|NGULUBE, D.C.J.: delivered the judgment of the Court.
The applicant was sentenced to undergo three years imprisonment with
hard labour for theft of a motor vehicle. The particulars of the offence were to the effect that he and another, on 6th March,1986, at Kitwe, stole the complainant's Datsun Bluebird, registration No. AAF 2945. The facts not in dispute were that the car was stolen on the said 6th March,1986, after 17:00 hours between 20:00 to 22:00 hours. Two days later on 8th March, the applicant was apprehended in Mwinilunga where he was in possession of this car and was looking for pineapples and goats. According to the applicant himself, he had received possession of this car in Chingola from one Mbavu on 7th March,1986, the very next day after the theft, and he had driven overnight to Mwinilunga, having been sent to go and buy some goats by Mbavu whose car he thought it was. It was not in dispute that the correct car number was etched on the windows and appeared on the licence disc while the number plates then on the car read AAF 4265, which was a false number. When the police asked the applicant to produce a blue book he produced a forged one which bore the names of Mbavu, the false registration number and false engine and chassis numbers which closely resembled those on the stolen car. There was evidence from the Central Motor Registry which showed that the false registration numbers, and blue book related to a Toyota Vannette belonging to Messrs Data Cars Limited of Lusaka.
The applicant's explanation in court was that he came to be in possession because Mbavu employed him to drive this stolen car to Mwinilunga to buy goats. Evidence from the prosecution showed that he had informed PW2, an acquaintance to whom the applicant had offered a lift at Mwinilunga, that the car belonged to the elder brother of one of the other passengers in the vehicle. The explanation given to the police, especially to PW3, who apprehended him, was that he had just borrowed the car from Mbavu. There was evidence from PW5 that the applicant led the police to Chingola to look for Mbavu who was not found. The learned trial magistrate found that, because the false blue book showed that Mbavu resided in Lusaka, he could not have been resident in Chingola where the police failed to trace him and was therefore a non-existent person. The Court further held that a prudent driver must have noticed the various suspicious features surrounding the car and the blue book to which we have already referred. From all this, coupled with the very recent possession of this stolen car and the finding that the explanation advanced by the applicant was not true, the learned trial magistrate concluded that the applicant was guilty of the theft charged.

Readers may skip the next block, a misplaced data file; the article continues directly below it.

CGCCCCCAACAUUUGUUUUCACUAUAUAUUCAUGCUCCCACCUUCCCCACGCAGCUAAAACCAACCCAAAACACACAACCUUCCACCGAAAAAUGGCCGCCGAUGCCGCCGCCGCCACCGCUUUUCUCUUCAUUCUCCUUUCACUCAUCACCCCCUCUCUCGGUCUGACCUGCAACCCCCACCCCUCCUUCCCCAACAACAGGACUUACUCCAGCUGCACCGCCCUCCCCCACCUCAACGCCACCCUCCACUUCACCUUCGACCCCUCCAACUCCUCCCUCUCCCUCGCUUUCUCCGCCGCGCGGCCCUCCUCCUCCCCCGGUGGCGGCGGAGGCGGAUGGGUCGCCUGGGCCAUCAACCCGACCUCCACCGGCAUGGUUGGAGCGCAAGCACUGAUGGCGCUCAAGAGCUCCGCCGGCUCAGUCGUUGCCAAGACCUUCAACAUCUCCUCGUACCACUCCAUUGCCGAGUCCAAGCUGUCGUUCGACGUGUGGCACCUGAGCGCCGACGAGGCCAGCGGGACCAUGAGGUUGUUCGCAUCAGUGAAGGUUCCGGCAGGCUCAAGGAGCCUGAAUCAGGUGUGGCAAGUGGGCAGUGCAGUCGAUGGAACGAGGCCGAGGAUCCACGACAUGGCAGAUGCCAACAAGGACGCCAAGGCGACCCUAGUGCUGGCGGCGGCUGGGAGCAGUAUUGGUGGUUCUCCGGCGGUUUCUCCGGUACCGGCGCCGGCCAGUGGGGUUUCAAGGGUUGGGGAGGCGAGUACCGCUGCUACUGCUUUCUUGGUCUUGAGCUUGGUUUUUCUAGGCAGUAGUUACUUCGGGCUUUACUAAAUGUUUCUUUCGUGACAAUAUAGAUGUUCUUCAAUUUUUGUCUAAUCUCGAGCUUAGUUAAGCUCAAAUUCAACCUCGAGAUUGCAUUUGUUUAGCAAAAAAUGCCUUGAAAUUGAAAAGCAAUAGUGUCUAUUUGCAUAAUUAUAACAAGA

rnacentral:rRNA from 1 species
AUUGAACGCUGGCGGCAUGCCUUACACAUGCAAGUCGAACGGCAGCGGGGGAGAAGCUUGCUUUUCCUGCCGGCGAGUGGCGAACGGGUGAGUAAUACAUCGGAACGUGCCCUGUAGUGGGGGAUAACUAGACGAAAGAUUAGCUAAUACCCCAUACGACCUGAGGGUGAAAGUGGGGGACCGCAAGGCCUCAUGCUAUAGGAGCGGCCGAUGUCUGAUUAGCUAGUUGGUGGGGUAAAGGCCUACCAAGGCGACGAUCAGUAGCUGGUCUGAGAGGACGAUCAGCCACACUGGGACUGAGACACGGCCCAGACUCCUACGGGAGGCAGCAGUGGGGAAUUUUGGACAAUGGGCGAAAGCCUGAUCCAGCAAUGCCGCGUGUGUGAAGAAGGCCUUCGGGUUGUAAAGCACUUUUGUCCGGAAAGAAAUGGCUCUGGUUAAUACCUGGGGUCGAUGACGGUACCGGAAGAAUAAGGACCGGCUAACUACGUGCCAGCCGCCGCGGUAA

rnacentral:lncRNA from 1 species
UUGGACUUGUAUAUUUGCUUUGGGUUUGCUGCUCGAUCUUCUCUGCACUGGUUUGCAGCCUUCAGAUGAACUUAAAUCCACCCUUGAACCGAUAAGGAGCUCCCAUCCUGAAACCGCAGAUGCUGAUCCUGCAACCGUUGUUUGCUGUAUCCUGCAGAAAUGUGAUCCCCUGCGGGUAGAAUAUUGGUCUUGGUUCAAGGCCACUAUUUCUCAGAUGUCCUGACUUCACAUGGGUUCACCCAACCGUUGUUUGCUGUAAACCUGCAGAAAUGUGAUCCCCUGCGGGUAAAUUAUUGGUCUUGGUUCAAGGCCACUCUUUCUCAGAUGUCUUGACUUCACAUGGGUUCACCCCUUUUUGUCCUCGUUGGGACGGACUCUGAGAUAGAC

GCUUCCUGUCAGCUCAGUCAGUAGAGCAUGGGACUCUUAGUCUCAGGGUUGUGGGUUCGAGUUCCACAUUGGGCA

On behalf of the applicant Mr Chitabo argued that guilt of theft was not the only inference which it would be reasonable to draw from the facts of this case. he relied on a number of our previous decisions, including that in Kape v The People (1) which underlined the need for a trial court to discuss and consider other possible inferences and which also affirmed the principle that the telling of lies by an accused person does not necessarily indicate guilt. Mr Chitabo pointed out that the applicant consistently explained that it was not his car but that it belonged to Mbavu. He argued that the reasons given by the learned trial magistrate for finding that Mbavu did not exist should be rejected and that the applicant found to have been in innocent possession. Mr Lwaili countered these submissions by arguing that the suspicious features hereinbefore set out all indicated
that the applicant could not have been in innocent possession and that he was properly convicted of the theft.